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Friday, March 4, 2016

Snack attack.

Croquettes were the rage when I was young.
Mother would fry all kinds, in a mixed version, or individually.
If she had too much of any vegetable, or herbs, this is how she cleaned the refrigerator.

Nowadays, I rarely eat or make such goodies. But, if I expect company, I know my friends will help me with every little bite.

Ingredients:
1C fresh vegetables, cooked vegetables,  or fresh herbs, cut in bite size pieces;
1 C flour or pancake mix;
1 Egg;
Milk, just enough to achieve the consistency of mashed potatoes
salt and pepper

Mix the ingredients together, and let the concoction sit in the refrigerator for one hour or so.
Just before you want to serve the croquettes, heat two-three inches of vegetable oil until a drop of the mix sizzles.
Scoop one or two tablespoons and run a test run. If the oil is too hot the croquette will brown too fast. Taste the first one before cooking the rest. You may need to adjust for taste as well.
Drain on paper towels and keep warm until ready to eat.

Serve with a dressing made of yogurt, lemon zest, mint  and olive oil. Enjoy as appetizers or snacks.


Tuesday, February 9, 2016

Have you seen the price of vegetables?

I used to eat like this, a few years ago. A handful of salad greens, a pile of mayonnaised fish and bread or crackers. Nothing wrong with it. I actually felt saintly after this meal. The packaged salad greens were pre washed and measured, and while more expensive, I felt they were a good deal.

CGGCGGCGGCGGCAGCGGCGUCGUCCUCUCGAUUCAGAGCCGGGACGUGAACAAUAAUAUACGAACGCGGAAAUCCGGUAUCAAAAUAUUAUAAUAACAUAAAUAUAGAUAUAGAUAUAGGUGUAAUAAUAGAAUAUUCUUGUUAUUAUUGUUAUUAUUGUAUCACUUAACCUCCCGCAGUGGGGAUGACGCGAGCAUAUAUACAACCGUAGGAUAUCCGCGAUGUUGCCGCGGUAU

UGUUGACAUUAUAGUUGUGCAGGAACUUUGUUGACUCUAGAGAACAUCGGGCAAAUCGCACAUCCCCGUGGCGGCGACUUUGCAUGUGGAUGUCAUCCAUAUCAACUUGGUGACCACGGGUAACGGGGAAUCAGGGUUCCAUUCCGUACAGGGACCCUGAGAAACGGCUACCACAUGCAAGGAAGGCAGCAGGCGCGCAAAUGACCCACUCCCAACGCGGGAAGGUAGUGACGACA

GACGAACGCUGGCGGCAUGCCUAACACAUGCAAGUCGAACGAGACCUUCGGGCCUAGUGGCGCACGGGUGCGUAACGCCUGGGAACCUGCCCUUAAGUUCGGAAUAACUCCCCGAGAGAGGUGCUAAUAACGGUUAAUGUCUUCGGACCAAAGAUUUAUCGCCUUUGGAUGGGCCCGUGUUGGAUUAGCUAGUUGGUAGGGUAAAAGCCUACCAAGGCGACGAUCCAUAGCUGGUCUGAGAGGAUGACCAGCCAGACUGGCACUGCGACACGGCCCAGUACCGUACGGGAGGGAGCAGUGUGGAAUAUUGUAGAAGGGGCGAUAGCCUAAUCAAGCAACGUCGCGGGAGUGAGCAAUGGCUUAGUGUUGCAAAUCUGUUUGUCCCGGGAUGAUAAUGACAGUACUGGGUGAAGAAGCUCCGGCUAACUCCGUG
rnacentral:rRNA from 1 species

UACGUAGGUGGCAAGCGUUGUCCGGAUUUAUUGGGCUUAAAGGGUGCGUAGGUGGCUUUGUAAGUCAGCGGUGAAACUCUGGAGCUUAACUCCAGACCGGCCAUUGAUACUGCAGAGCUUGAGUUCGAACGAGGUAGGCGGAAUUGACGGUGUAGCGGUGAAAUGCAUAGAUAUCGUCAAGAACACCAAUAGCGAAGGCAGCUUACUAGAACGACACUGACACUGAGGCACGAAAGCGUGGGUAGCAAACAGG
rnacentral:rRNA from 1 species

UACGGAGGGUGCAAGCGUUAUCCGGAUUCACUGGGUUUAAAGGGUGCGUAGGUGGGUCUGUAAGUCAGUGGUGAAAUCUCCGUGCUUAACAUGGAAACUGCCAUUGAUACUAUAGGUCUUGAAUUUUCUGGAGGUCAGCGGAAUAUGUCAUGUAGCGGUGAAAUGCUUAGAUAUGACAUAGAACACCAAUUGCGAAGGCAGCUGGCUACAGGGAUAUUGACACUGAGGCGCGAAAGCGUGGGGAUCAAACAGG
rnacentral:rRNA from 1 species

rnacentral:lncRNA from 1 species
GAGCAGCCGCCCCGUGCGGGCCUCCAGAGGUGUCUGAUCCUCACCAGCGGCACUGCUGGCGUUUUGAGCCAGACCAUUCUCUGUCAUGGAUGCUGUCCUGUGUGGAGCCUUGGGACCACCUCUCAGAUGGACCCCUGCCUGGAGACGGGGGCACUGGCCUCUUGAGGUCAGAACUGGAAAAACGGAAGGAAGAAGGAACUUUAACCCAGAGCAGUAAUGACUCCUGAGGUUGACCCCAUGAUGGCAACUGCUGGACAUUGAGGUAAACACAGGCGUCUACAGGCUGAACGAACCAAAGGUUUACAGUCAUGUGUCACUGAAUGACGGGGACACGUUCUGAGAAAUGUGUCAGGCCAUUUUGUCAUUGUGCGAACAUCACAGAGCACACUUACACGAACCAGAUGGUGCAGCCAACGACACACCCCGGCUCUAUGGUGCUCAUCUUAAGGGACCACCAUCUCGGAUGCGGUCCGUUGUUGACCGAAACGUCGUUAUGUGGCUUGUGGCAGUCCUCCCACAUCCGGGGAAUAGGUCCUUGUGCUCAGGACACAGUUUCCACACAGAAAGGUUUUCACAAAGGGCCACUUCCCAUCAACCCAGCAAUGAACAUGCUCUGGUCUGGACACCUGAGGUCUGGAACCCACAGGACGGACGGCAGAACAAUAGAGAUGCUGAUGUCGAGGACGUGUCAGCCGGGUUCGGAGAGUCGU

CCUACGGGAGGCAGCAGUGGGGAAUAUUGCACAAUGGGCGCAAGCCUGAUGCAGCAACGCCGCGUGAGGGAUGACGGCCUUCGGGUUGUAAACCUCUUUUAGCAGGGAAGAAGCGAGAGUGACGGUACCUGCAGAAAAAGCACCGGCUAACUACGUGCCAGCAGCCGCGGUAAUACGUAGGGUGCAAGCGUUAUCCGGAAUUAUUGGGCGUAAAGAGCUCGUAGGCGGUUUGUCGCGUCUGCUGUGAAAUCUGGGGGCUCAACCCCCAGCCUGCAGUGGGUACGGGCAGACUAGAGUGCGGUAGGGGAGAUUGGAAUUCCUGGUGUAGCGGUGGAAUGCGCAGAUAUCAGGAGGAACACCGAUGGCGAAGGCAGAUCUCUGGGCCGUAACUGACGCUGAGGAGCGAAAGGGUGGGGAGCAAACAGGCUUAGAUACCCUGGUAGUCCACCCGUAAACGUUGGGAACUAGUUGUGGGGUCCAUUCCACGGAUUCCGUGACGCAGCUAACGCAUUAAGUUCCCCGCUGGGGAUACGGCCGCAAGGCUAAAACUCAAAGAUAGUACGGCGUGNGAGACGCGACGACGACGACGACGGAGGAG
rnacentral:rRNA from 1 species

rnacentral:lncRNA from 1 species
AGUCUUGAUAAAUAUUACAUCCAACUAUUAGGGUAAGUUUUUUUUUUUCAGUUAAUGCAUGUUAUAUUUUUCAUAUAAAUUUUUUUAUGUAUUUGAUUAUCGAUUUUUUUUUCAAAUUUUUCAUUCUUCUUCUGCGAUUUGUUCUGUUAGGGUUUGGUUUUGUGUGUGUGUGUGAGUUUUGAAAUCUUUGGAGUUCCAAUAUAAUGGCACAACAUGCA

Notice that the salad had no real vegetables except for the packaged greens. Nowadays, I make a salad with fresh greens, cooked greens and even canned greens. What I don't use quickly I pickle for yet another addition to my salad plate. I make my own dressing too, one part vinegar or lemon, and three parts oil. I add plenty of aromatics, dried or fresh herbs, and little or no salt.

As for the fish, I still use canned tuna or salmon or sardines once a month, for convenience and economy. I drizzle a bit of olive oil and add chopped peppers and onions to liven up the taste. Pepper helps to spark the blandness, and sometimes a dash of hot sauce.

For starch, a slice of a multigrain loaf, or a grain leftover from a previous meal.  After all, we just need to swap to a better deal rather than cutting all carbs.

Add a slice or two of orange or any seasonal fruit and you now have a nutritious meal that is both tasty, heart healthy, filling, and economical.